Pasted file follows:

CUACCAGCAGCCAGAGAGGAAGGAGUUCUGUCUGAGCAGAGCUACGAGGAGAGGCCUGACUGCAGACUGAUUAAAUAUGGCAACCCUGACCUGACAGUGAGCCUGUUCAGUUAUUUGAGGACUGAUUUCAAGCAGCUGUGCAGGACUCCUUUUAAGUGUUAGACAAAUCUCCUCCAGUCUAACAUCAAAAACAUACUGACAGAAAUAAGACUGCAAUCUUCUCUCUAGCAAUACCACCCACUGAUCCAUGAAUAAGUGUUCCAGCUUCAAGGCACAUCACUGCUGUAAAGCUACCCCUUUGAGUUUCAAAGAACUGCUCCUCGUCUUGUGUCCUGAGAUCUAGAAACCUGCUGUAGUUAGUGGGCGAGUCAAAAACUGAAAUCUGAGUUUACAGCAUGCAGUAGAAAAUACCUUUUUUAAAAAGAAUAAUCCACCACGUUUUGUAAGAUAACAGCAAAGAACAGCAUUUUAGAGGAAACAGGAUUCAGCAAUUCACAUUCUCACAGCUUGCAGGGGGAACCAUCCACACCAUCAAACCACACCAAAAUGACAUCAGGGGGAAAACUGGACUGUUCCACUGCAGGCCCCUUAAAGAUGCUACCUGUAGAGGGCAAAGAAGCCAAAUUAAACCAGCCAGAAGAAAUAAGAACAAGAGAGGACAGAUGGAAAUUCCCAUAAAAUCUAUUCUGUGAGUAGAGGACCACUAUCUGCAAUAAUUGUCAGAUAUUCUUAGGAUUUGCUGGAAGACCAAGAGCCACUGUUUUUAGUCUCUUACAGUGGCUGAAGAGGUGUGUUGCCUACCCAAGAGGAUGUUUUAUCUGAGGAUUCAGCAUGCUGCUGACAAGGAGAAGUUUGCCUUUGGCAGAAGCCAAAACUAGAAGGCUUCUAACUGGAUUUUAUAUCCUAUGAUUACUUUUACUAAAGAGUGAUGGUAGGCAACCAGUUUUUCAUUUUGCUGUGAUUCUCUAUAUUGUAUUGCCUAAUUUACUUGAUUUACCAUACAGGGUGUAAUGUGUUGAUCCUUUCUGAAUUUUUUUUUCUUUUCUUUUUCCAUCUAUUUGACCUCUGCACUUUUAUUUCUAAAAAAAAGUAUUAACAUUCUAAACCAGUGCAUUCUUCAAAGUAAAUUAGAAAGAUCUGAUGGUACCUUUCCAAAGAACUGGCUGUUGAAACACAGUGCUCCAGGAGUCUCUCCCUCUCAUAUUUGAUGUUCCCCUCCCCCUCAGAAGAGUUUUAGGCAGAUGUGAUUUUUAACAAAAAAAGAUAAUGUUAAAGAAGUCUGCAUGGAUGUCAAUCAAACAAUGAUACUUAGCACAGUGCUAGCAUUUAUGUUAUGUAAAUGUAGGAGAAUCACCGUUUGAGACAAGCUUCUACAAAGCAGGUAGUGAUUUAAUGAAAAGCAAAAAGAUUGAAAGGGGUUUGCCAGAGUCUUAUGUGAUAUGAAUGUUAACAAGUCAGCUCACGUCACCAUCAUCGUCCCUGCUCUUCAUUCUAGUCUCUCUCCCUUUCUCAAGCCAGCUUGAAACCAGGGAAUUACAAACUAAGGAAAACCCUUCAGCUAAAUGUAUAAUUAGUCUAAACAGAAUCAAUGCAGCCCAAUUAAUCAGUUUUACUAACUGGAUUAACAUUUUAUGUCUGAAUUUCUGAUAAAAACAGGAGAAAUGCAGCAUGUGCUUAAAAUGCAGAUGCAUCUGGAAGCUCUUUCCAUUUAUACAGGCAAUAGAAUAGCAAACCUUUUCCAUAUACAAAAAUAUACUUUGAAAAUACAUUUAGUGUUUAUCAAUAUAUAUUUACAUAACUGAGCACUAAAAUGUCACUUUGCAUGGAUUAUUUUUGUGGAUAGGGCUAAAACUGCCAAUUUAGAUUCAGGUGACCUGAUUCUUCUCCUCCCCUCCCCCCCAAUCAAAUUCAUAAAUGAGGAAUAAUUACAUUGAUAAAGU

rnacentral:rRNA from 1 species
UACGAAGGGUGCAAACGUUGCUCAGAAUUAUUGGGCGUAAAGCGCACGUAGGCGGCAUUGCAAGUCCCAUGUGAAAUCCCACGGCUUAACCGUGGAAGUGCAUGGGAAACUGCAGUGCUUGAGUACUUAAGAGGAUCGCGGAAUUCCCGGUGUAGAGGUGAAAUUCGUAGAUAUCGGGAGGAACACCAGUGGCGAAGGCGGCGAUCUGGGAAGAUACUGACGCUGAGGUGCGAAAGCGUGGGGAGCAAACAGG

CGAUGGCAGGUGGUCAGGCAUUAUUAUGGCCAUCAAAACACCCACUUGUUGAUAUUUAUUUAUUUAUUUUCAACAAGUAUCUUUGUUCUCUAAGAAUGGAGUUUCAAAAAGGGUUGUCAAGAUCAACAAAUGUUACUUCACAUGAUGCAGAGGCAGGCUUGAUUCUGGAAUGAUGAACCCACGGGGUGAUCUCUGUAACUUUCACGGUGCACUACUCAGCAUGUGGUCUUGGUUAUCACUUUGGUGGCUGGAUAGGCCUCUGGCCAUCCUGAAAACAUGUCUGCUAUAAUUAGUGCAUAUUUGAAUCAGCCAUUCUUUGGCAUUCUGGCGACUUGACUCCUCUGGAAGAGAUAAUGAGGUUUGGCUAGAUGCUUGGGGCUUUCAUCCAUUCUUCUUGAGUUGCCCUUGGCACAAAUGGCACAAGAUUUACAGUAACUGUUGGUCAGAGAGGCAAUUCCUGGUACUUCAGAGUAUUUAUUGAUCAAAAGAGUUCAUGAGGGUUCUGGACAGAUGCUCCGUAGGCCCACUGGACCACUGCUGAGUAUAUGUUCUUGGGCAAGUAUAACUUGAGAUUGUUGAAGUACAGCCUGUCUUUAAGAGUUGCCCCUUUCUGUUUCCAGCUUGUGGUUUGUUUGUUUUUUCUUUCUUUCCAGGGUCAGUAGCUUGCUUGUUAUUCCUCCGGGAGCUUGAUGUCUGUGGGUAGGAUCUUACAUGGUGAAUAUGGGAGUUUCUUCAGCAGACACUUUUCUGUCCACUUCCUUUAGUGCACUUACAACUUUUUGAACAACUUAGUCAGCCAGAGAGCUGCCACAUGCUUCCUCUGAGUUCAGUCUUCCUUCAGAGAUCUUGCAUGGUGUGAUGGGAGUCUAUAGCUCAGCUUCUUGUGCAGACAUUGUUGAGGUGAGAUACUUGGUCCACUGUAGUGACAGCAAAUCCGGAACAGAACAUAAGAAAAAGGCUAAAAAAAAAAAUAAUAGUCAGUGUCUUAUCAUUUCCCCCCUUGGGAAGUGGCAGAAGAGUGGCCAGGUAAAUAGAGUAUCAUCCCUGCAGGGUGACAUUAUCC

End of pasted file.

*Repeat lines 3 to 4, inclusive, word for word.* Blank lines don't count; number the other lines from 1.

UACGAAGGGUGCAAACGUUGCUCAGAAUUAUUGGGCGUAAAGCGCACGUAGGCGGCAUUGCAAGUCCCAUGUGAAAUCCCACGGCUUAACCGUGGAAGUGCAUGGGAAACUGCAGUGCUUGAGUACUUAAGAGGAUCGCGGAAUUCCCGGUGUAGAGGUGAAAUUCGUAGAUAUCGGGAGGAACACCAGUGGCGAAGGCGGCGAUCUGGGAAGAUACUGACGCUGAGGUGCGAAAGCGUGGGGAGCAAACAGG

CGAUGGCAGGUGGUCAGGCAUUAUUAUGGCCAUCAAAACACCCACUUGUUGAUAUUUAUUUAUUUAUUUUCAACAAGUAUCUUUGUUCUCUAAGAAUGGAGUUUCAAAAAGGGUUGUCAAGAUCAACAAAUGUUACUUCACAUGAUGCAGAGGCAGGCUUGAUUCUGGAAUGAUGAACCCACGGGGUGAUCUCUGUAACUUUCACGGUGCACUACUCAGCAUGUGGUCUUGGUUAUCACUUUGGUGGCUGGAUAGGCCUCUGGCCAUCCUGAAAACAUGUCUGCUAUAAUUAGUGCAUAUUUGAAUCAGCCAUUCUUUGGCAUUCUGGCGACUUGACUCCUCUGGAAGAGAUAAUGAGGUUUGGCUAGAUGCUUGGGGCUUUCAUCCAUUCUUCUUGAGUUGCCCUUGGCACAAAUGGCACAAGAUUUACAGUAACUGUUGGUCAGAGAGGCAAUUCCUGGUACUUCAGAGUAUUUAUUGAUCAAAAGAGUUCAUGAGGGUUCUGGACAGAUGCUCCGUAGGCCCACUGGACCACUGCUGAGUAUAUGUUCUUGGGCAAGUAUAACUUGAGAUUGUUGAAGUACAGCCUGUCUUUAAGAGUUGCCCCUUUCUGUUUCCAGCUUGUGGUUUGUUUGUUUUUUCUUUCUUUCCAGGGUCAGUAGCUUGCUUGUUAUUCCUCCGGGAGCUUGAUGUCUGUGGGUAGGAUCUUACAUGGUGAAUAUGGGAGUUUCUUCAGCAGACACUUUUCUGUCCACUUCCUUUAGUGCACUUACAACUUUUUGAACAACUUAGUCAGCCAGAGAGCUGCCACAUGCUUCCUCUGAGUUCAGUCUUCCUUCAGAGAUCUUGCAUGGUGUGAUGGGAGUCUAUAGCUCAGCUUCUUGUGCAGACAUUGUUGAGGUGAGAUACUUGGUCCACUGUAGUGACAGCAAAUCCGGAACAGAACAUAAGAAAAAGGCUAAAAAAAAAAAUAAUAGUCAGUGUCUUAUCAUUUCCCCCCUUGGGAAGUGGCAGAAGAGUGGCCAGGUAAAUAGAGUAUCAUCCCUGCAGGGUGACAUUAUCC